I neglected to post on the 40th anniversary of Roe v. Wade yesterday. So let's consider the remarkable story of Norma McCorvey, who was the "Roe" in that case:
But most Americans don’t know that McCorvey, who was “pro-choice” on abortion at the time, is now a pro-life advocate. She is now dedicated to reversing the Supreme Court case that bears her fictitious name, Jane Roe.
In a video, McCorvey explains her effort to obtain a legal abortion in the 1970s when facing an unplanned pregnancy. However, she has never had an abortion and now realizes that her court case was the biggest mistake of her life and currently fights to stop abortion.
“Back in 1973, I was a very confused twenty-one year old with one child and facing an unplanned pregnancy,” she says in the ad. “At the time I fought to obtain a legal abortion, but truth be told, I have three daughters and never had an abortion.”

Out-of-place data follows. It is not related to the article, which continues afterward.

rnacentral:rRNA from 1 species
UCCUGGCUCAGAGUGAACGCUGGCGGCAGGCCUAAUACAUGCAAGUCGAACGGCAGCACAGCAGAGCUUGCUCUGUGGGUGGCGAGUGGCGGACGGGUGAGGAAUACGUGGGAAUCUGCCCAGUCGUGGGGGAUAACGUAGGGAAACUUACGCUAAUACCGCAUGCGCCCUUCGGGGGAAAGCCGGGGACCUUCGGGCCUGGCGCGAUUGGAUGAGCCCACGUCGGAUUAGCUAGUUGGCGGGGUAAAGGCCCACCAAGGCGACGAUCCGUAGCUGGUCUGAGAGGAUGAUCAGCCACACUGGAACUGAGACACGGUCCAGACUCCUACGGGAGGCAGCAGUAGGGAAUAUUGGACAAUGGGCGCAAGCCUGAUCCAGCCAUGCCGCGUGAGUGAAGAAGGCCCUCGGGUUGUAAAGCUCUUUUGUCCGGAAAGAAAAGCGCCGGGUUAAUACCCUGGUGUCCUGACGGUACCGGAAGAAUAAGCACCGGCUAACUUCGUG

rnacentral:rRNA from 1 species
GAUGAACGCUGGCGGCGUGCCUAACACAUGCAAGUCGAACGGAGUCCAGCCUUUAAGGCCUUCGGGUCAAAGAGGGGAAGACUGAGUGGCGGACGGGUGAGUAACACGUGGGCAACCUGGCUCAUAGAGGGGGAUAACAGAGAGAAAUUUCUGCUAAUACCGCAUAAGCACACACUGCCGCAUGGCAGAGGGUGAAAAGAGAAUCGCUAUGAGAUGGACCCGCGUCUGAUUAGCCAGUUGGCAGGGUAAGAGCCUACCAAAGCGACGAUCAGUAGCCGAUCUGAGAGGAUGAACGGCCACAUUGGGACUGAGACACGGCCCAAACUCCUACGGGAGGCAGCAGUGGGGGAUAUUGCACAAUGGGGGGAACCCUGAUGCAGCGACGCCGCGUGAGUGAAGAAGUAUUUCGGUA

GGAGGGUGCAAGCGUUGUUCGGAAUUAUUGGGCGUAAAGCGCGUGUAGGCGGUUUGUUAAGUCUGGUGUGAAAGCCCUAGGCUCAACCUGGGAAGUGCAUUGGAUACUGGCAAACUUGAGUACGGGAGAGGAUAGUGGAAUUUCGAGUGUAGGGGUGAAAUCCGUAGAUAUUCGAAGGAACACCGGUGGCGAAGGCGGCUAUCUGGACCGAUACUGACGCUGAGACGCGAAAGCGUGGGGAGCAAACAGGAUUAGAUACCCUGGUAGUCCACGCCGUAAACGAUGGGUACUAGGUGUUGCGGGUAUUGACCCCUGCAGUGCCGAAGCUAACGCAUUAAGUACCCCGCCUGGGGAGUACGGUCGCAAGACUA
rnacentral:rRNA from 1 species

“I think it’s safe to say that the entire abortion industry is based on a lie…. I am dedicated to spending the rest of my life undoing the law that bears my name,” McCorvey says.
No need here to rehash all the pro-life and pro-choice arguments that have been so thoroughly explored in the last 40 years. But no matter where one stands on the issue, this should seem like a compelling story. Her case led to one of the most profound, divisive opinions in Supreme Court history and brought an outcome she has dedicated her whole life to opposing. As she says, her name is now in the history books, in the worst way she could have imagined. I can't fathom what carrying such a burden around every day is like.
We're always told that we should consider abortion not as a great national issue but one of personal, agonizing choices made in individual homes by specific women and their loved ones. But people sometimes make choices they regret, so stories like McCorvey's need to be told. The pro-choice side always talks about people who have "strong pro-life views" until the issue hits them or someone they know. Reality can turn a pro-life view into a pro-choice view. But it works the other way, too, yes?